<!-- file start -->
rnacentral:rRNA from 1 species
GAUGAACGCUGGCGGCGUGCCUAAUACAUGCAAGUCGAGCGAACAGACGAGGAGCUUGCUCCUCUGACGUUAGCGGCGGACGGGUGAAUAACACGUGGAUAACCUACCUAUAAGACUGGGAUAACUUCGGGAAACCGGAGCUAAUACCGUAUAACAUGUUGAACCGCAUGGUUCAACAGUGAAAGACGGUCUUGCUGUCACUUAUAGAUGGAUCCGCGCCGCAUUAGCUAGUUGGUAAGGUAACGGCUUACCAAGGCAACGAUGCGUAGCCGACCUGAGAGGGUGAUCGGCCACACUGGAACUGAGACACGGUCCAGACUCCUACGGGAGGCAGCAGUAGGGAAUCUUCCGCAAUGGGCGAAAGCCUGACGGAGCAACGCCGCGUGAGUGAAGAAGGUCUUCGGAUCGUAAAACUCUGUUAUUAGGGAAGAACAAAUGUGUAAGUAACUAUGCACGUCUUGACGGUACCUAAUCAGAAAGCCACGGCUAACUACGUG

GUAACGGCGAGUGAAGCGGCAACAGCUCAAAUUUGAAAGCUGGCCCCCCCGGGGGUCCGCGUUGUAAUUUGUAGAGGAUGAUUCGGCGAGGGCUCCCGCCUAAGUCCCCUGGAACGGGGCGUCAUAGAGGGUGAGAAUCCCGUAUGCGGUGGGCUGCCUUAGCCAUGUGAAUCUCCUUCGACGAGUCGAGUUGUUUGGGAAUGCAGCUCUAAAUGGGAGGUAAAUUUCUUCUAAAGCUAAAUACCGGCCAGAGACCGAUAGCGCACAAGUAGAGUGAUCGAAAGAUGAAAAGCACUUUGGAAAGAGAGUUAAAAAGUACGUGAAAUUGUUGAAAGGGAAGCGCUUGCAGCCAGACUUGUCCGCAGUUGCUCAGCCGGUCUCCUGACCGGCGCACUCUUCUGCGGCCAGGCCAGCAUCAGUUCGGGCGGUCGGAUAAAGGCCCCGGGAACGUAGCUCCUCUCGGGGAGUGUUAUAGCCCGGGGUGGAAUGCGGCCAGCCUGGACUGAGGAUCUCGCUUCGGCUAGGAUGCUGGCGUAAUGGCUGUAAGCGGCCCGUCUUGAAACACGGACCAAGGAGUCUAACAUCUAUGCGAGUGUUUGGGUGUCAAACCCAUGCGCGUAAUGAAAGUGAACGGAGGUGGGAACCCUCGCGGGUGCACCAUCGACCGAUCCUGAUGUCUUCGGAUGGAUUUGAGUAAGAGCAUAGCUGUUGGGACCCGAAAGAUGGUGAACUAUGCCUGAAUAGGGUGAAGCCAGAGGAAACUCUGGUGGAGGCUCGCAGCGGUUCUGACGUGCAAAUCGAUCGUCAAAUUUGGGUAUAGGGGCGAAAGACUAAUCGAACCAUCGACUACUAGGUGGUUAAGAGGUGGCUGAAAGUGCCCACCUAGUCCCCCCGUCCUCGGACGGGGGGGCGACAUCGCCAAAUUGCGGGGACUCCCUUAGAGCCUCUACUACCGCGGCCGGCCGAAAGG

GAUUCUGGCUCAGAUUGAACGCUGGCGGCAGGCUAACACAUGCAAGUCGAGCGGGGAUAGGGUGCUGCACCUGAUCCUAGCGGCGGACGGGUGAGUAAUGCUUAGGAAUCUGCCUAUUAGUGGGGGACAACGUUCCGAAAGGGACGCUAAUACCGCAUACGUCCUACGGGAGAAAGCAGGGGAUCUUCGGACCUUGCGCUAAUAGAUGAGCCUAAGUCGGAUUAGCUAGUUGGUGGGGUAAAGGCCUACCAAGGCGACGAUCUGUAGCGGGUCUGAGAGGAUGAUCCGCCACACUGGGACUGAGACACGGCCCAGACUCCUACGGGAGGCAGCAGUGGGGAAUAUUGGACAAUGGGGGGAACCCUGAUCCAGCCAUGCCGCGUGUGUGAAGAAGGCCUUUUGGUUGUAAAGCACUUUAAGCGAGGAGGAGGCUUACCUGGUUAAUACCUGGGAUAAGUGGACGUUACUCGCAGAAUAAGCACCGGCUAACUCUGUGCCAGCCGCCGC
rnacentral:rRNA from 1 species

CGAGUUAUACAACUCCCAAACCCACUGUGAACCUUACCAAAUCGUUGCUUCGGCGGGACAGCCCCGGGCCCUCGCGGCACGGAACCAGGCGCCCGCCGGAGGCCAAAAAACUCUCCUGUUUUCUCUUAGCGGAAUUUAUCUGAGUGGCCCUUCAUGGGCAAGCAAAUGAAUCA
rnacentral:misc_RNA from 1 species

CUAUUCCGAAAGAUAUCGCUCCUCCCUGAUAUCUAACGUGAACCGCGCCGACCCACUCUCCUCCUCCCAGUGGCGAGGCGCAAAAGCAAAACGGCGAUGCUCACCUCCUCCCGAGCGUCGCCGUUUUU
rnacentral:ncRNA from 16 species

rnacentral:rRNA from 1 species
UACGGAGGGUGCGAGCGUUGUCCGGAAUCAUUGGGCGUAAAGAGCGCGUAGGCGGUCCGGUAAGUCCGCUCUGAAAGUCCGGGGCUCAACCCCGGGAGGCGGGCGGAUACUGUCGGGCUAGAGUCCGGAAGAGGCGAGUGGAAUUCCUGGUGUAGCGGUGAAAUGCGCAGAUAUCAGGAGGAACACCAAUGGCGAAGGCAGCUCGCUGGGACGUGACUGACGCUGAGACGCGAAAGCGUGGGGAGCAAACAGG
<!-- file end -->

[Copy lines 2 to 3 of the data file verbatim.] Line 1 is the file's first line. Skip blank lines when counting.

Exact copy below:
GAUGAACGCUGGCGGCGUGCCUAAUACAUGCAAGUCGAGCGAACAGACGAGGAGCUUGCUCCUCUGACGUUAGCGGCGGACGGGUGAAUAACACGUGGAUAACCUACCUAUAAGACUGGGAUAACUUCGGGAAACCGGAGCUAAUACCGUAUAACAUGUUGAACCGCAUGGUUCAACAGUGAAAGACGGUCUUGCUGUCACUUAUAGAUGGAUCCGCGCCGCAUUAGCUAGUUGGUAAGGUAACGGCUUACCAAGGCAACGAUGCGUAGCCGACCUGAGAGGGUGAUCGGCCACACUGGAACUGAGACACGGUCCAGACUCCUACGGGAGGCAGCAGUAGGGAAUCUUCCGCAAUGGGCGAAAGCCUGACGGAGCAACGCCGCGUGAGUGAAGAAGGUCUUCGGAUCGUAAAACUCUGUUAUUAGGGAAGAACAAAUGUGUAAGUAACUAUGCACGUCUUGACGGUACCUAAUCAGAAAGCCACGGCUAACUACGUG

GUAACGGCGAGUGAAGCGGCAACAGCUCAAAUUUGAAAGCUGGCCCCCCCGGGGGUCCGCGUUGUAAUUUGUAGAGGAUGAUUCGGCGAGGGCUCCCGCCUAAGUCCCCUGGAACGGGGCGUCAUAGAGGGUGAGAAUCCCGUAUGCGGUGGGCUGCCUUAGCCAUGUGAAUCUCCUUCGACGAGUCGAGUUGUUUGGGAAUGCAGCUCUAAAUGGGAGGUAAAUUUCUUCUAAAGCUAAAUACCGGCCAGAGACCGAUAGCGCACAAGUAGAGUGAUCGAAAGAUGAAAAGCACUUUGGAAAGAGAGUUAAAAAGUACGUGAAAUUGUUGAAAGGGAAGCGCUUGCAGCCAGACUUGUCCGCAGUUGCUCAGCCGGUCUCCUGACCGGCGCACUCUUCUGCGGCCAGGCCAGCAUCAGUUCGGGCGGUCGGAUAAAGGCCCCGGGAACGUAGCUCCUCUCGGGGAGUGUUAUAGCCCGGGGUGGAAUGCGGCCAGCCUGGACUGAGGAUCUCGCUUCGGCUAGGAUGCUGGCGUAAUGGCUGUAAGCGGCCCGUCUUGAAACACGGACCAAGGAGUCUAACAUCUAUGCGAGUGUUUGGGUGUCAAACCCAUGCGCGUAAUGAAAGUGAACGGAGGUGGGAACCCUCGCGGGUGCACCAUCGACCGAUCCUGAUGUCUUCGGAUGGAUUUGAGUAAGAGCAUAGCUGUUGGGACCCGAAAGAUGGUGAACUAUGCCUGAAUAGGGUGAAGCCAGAGGAAACUCUGGUGGAGGCUCGCAGCGGUUCUGACGUGCAAAUCGAUCGUCAAAUUUGGGUAUAGGGGCGAAAGACUAAUCGAACCAUCGACUACUAGGUGGUUAAGAGGUGGCUGAAAGUGCCCACCUAGUCCCCCCGUCCUCGGACGGGGGGGCGACAUCGCCAAAUUGCGGGGACUCCCUUAGAGCCUCUACUACCGCGGCCGGCCGAAAGG